affair. Page 3.
Immense crowd attends the Interment of the
artist Preseey at Innsbruck. Page 3.
Italian elections ebow power ot extremist par
ties Is diminished. Page 3.
Colonlzatioa of 'illegal voters in the slums of
Seattle and Tacema by the Democrats.
Idaho will cast electoral vote for Roosevelt.
Deneeneetc Governor will be re-elected la
3eaaa.. Pare 4.
Sale PmMtritianlsU-hold mllr addressed by
pastors c city churches. Page 12.
W. R. Shoemake kills his son-in-law la
Southern Oregon after a quarrel. Page 8.
Two deaths from. Illuminating gas at San
Francisco. Page C.
Pacific Coast League scores: San Franeisco
11-5, Portland 5-2; Oakland 6-5, Seattle 0-'2;
0ng(M Aricunnrl Crtlew feotb!!
Tacoma 3, Los Anefc z. Page 13.
stniBeelr exclustve. Pays 13.
PerWaaa a4 TleNtHf.
Preelde&t of cttlaeaa' local -optica committee
eeys law deceived them. Page 14.
'Ckelnaen of yolltiea.1 parties forecast Ore
JMl Ken Bnege k reacy to be opened to
travel. Pace T.
7att games raa uenoleated by Sheriff or
lettcu- P S.
Mftseesethm mieMe? eeys church Is often toe
: .eaacUes. Pace g.
iWHeHeer Company a-Baounces
Tseeai. Paee 8.
itatc kcM ritrtnr mllr ot oenrcJ.
WATCH BAD VOTES
Slums Colonized By
HUGH TROUBLE EXPECTED
Seattle and Tacoma Republi
cans on the Alert
BETTING HAS BEEN HEAVY
No Doubt on Presidential Electron,
the Only Chance for Argument
' Being oh the Choice for the
SEATTLE, Wash., Nov. Special.)
The campaign will close tomorrow night.
Both Mead and Turner will be at home.
The former was in Seattle today and
made a hurried trip to Bremerton. He
left tonight for Belllngham, where he
closes his campaign.
Congressman Will E- Humphrey makes
his only speech of the campaign at a
meeting held here tomorrow night. Con
gressman Cushman, who has been cam
paigning In the East lor more than three
weeks, has cancelled his Tacoma. meet
ing for tomorrow and will not even come
home to vote. He goes to Panama at once
with a Congressional committee.
Afraid of Illegal Voting.
The serious work of the campaign is
over, save that connected with getting
out the votes. In both Seattle and Ta
coma, Republican organizations have
made strenuous efforts to head off an Il
legal slum-vote. The work in Seattle has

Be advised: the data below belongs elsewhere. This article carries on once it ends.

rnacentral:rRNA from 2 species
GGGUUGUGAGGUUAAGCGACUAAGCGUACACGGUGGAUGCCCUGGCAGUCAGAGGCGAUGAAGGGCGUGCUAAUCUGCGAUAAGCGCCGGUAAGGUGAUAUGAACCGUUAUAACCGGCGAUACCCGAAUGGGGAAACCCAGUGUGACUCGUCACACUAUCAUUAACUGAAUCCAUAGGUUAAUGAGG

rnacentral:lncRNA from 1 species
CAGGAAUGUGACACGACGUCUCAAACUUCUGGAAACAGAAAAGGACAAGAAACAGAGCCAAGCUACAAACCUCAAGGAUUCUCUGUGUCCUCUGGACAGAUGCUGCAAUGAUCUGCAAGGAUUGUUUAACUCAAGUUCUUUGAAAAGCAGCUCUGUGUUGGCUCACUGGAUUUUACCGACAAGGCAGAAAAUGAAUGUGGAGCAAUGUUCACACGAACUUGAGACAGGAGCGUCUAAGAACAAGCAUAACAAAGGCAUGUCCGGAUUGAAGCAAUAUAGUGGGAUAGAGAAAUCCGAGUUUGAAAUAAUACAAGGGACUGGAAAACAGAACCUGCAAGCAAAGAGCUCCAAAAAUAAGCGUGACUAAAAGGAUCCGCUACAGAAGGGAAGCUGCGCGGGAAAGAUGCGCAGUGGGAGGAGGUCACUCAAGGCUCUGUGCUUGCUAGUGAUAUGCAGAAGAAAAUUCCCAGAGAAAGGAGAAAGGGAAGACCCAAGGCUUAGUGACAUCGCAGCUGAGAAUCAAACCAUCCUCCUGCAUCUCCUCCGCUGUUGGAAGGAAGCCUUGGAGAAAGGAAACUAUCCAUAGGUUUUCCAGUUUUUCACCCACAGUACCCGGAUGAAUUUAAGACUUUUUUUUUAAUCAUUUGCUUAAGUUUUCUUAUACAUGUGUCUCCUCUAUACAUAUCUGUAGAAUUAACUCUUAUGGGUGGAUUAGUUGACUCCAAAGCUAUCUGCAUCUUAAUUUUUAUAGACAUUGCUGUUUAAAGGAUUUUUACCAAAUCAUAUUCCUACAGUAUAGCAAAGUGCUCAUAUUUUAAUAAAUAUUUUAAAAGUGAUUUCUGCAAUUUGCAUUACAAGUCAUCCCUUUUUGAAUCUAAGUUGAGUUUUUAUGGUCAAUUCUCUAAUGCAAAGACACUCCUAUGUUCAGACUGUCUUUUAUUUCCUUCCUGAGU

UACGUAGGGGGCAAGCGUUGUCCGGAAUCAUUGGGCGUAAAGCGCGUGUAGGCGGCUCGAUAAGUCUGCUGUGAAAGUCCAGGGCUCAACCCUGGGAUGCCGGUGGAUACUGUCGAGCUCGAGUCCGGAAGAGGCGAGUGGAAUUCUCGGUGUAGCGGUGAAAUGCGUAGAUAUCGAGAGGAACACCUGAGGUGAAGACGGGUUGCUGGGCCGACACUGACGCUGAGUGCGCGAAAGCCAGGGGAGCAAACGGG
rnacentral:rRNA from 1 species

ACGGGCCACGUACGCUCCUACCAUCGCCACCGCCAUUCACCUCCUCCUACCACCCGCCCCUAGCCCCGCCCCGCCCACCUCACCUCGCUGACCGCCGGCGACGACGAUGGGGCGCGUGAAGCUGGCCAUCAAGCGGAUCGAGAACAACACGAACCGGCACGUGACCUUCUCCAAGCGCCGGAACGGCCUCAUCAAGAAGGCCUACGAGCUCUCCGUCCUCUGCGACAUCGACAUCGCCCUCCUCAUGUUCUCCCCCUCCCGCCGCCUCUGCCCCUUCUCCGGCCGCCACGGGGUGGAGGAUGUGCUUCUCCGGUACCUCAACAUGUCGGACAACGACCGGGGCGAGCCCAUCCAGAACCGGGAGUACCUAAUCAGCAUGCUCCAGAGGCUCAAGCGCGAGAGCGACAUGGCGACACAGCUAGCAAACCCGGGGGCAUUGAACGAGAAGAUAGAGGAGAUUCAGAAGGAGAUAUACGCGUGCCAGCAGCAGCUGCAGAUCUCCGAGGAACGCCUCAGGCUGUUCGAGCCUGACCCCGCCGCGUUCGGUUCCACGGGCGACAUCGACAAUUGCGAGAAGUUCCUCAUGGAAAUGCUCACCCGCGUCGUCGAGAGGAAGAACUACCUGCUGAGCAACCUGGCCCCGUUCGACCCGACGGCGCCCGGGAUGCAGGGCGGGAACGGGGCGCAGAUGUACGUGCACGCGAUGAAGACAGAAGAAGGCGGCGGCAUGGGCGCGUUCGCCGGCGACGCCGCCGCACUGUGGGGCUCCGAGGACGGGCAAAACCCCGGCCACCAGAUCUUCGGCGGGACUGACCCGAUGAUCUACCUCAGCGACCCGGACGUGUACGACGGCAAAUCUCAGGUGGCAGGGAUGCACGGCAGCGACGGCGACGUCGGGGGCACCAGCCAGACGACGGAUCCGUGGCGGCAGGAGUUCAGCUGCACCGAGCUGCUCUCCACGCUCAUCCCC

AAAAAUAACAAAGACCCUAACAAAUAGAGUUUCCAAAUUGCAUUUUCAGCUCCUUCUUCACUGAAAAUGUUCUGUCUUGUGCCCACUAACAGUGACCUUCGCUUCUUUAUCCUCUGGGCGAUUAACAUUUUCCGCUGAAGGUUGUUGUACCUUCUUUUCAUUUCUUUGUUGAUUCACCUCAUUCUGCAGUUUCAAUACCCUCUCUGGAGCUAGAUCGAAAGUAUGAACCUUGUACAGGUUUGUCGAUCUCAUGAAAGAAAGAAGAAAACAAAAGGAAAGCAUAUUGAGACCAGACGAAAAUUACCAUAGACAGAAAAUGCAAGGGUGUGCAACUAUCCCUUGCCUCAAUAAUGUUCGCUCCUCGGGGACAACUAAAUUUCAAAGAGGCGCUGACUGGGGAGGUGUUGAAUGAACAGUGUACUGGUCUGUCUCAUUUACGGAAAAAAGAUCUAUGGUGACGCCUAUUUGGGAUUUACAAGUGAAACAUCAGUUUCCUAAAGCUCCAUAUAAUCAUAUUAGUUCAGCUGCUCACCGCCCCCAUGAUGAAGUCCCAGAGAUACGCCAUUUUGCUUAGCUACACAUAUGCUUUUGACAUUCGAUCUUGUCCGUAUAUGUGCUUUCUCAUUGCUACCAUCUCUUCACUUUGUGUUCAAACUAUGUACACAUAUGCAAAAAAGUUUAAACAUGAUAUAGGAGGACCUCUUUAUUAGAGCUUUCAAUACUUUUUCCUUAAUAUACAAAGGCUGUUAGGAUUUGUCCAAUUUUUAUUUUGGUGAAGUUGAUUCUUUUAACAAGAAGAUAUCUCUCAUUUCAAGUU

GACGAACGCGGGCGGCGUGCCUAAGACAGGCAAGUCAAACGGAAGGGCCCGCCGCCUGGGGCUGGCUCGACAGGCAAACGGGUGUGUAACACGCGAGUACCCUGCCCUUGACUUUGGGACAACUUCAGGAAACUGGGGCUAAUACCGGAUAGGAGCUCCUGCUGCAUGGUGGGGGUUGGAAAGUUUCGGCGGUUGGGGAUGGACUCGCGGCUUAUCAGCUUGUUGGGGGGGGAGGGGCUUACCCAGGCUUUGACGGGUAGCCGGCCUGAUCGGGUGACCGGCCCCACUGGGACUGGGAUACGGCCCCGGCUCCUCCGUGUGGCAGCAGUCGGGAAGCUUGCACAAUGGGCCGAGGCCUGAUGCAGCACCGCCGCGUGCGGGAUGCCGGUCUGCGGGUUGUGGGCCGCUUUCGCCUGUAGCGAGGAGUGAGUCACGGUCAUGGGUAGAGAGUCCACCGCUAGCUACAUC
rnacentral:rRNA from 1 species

been particularly thorough, and through
an understanding between the committees
there haa been an interchango of reports. '
Tho only trouble reared on Tuesday will
grow out of the attempt to suppress al
leged illegal voting in the slum districts
of the two cities.
Though there has been much rainfall in
Western "Washington during the week,
the roads In tho country are not serloasly
cut up. There, is na rcaspn to beMeye- now
that -thef weather will kep the West Side
vote at home.
Much Betting on Result.
Betting on the, result will probably be
heavy Over- the state tomorrow. Close
to $100,000 has been bet in the state, as
politicians figure. This total will be ma
terially increased tomorrow. On these
propositions most of the bets have been
made: The Gubernatorial fight, the re
sult In King and Pierce Counties, and
the -majorities in Whatcom for Mead as
compared with tho Turner majority In
There Is considerable money up In Spo
kane, Belllngham and Seattle on the prop
osition that Mead will carry Whatcom
stronger than Turner carries Spokane.
The heaviest bet made during the cam
paign is one made here for tt$0S0, S. S.
Bailey taking the Turner end and John
H. McGraw representing the Mead back
ers. Belllngham Backs Mead.
A prominent local capitalist has J4500
oh Mead; H. H. Kulies, a Democratio ci
garmaker has $1500 on Mead, and there
are four other 51000 bets on record here.
Inclusive of numerous small wagers, close
to $45,000 is In stakeholders' hands In Se
attle. Belllngham friends of Mead have backed
him -about $10,000 strong. The betting In
Tacoma is practically all represented by
"sums ot less than ?1000. Despite the fact
that this was Sunday, election betting In
Tacoma was heavy today, and It Is prob
able $15,000 has been bet on the result In
that city. Spokane and Walla Walla have
bet most of the remainder of the money
upon the result.
CLAIMS OF THE CHAIRMEN.
Bath Confident of Carrying State for
SEATTLE, Wash., Nov. 6. (Special.
Neither the Republican nor Democratic
Sttsf Committee will give figures, on the
reaSSt of the Gubernatorial fight in this
st6e Both Chairman E. P. Palmer, of
the iHepubllcan organization, and Cheir
maa."J. W. Godwin, of the Democratic
committee, claim the state tickets'. Both
deetare Roosevelt win carry Washington
by? tremendous majority.
The Republican State Committee de
clares. Its ability to carry every county
in Western- Washington, for Mead, ana" ex
pects to. carry several Hast Stde counties.
Republican figures show the election of
3iead- and the entire Republican state
.ticket by pluralities running from 10.099
up. The Gubernatorial candidate has
borne the brunt of the fight and is &f
Neither the Socialist "nor Popultet or
ganisations are making any claims of
definite results. In broad terms, tho So
cialist declare they will make big gains.
Tbe Populists expect to poll a geod Bryan
Demoeratfc vote for Watson electors.
FopuUet leaders claim most of their fol
lowers will vote tha Republican state tick
et, as they have no nominees of their
"I do sot want to give definite figures
on the electlea," said J. W. G4wh
chairman, of the Democratic State Com
nlttee. "Tsraer wltt undoubtedly be
cleaned hy. a MgT majority. In fact, we
expect h4s majority to be the greatest ever
given a Gabernatorlal candidate. The
majority for Turner will be large enough
to carry the state ticket through with
him. The election of the Republican elec
toral ticket is eoQceded. Roosevelt- will
carry the. state by a tremendous major
"I ds set think them Is say dispeeitfcm
to queetJefi the overwhetaslnar support
jriven is Wh burton for FresMeot 3tooee-
ve-lt. The sweeeaa -of Turner will' be due .
I to-a. yswbttcan revolt sea tnat party aaiv-